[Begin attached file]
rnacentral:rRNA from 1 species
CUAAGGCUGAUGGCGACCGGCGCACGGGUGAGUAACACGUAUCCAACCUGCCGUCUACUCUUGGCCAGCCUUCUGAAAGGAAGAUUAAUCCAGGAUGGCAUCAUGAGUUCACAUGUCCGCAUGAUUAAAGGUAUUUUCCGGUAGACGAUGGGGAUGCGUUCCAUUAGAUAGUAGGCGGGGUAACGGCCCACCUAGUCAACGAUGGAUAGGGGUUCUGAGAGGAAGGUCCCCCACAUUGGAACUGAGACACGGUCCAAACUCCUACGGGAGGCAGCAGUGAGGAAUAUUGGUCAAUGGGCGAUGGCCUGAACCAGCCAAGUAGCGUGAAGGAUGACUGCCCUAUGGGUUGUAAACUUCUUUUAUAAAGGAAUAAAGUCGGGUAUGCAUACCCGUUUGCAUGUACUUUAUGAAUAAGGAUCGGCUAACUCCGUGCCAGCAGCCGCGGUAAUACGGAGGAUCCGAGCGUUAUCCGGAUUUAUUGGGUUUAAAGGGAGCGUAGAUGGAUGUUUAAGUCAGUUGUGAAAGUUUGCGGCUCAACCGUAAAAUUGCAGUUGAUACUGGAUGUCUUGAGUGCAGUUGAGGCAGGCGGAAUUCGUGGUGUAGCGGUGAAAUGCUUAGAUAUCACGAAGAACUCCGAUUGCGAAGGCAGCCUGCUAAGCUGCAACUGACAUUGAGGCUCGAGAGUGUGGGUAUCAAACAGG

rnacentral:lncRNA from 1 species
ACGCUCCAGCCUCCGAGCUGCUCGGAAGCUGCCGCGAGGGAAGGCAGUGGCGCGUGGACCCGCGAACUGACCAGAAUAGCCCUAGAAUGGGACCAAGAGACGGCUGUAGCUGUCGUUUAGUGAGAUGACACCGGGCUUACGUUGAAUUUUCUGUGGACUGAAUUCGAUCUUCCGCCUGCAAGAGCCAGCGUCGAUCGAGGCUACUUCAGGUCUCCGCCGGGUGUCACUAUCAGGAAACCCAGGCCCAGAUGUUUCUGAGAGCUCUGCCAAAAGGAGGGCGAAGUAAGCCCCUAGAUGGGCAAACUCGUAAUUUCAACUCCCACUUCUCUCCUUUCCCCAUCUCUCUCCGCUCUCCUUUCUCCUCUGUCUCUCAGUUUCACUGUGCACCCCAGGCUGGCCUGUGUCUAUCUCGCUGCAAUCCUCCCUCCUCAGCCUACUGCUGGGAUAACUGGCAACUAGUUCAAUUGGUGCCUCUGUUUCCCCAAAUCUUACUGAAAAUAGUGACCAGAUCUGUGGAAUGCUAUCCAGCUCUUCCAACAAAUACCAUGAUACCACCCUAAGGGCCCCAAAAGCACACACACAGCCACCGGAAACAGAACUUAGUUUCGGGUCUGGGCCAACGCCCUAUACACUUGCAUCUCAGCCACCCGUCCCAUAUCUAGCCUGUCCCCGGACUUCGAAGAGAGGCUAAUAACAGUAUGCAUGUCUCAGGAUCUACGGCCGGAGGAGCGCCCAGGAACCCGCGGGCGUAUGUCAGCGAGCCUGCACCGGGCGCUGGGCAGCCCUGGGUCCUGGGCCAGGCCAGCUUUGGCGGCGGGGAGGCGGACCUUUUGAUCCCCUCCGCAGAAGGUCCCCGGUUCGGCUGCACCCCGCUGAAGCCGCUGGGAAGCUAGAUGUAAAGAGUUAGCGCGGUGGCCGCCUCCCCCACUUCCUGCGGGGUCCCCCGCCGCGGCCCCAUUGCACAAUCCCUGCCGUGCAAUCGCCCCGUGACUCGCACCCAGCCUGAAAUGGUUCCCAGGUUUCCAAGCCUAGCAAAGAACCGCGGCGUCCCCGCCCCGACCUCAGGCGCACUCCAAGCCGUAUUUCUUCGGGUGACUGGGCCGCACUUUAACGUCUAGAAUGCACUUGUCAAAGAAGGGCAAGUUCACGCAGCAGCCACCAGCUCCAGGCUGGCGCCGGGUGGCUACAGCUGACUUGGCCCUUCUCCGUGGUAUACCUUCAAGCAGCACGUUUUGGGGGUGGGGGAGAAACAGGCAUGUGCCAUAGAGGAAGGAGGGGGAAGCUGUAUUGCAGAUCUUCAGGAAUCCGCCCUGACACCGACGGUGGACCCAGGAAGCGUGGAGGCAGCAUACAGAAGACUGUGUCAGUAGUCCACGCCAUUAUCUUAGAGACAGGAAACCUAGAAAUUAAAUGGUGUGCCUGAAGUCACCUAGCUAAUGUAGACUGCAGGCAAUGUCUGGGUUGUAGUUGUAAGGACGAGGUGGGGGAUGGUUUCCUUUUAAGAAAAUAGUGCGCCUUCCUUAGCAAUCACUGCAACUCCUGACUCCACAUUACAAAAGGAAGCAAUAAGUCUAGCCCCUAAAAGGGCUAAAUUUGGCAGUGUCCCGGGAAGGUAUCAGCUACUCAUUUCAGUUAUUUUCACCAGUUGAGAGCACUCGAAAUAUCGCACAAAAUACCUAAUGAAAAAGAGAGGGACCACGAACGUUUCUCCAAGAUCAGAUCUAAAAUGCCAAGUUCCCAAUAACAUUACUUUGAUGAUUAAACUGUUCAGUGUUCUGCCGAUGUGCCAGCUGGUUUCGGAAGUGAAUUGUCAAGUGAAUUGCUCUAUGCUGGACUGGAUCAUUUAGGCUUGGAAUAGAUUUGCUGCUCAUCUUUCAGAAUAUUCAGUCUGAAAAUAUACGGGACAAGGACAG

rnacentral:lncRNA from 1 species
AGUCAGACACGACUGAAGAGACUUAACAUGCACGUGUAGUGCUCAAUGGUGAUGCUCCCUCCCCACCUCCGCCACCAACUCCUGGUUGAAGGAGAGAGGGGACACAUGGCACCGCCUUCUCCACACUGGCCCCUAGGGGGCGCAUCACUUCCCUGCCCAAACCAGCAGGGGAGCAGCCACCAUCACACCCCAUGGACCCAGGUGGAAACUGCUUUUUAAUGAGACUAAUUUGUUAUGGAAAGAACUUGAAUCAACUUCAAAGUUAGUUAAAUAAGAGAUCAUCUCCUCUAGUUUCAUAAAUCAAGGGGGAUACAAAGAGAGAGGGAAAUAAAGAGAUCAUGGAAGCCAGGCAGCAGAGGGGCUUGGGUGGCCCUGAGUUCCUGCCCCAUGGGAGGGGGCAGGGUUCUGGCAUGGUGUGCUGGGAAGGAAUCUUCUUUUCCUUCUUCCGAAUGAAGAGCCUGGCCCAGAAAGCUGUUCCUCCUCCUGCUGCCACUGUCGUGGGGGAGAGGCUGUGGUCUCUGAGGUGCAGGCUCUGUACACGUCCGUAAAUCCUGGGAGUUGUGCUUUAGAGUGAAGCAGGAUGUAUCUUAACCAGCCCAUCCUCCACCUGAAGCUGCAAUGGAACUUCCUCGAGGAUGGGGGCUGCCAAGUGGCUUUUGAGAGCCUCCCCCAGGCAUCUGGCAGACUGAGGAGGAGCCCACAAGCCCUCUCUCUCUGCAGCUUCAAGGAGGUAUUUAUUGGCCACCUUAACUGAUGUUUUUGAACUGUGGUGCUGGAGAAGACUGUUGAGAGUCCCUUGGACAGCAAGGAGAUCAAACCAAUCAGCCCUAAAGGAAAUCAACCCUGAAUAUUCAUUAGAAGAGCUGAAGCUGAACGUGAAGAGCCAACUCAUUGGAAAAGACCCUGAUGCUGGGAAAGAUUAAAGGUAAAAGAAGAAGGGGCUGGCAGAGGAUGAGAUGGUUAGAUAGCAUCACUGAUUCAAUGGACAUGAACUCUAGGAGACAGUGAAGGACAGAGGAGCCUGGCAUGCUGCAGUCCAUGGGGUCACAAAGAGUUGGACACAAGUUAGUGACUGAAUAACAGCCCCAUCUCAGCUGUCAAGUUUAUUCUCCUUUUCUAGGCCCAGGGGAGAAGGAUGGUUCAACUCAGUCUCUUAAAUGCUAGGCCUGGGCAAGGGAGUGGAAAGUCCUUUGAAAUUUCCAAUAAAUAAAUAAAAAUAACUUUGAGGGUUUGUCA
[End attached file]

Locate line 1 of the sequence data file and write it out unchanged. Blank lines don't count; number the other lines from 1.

rnacentral:rRNA from 1 species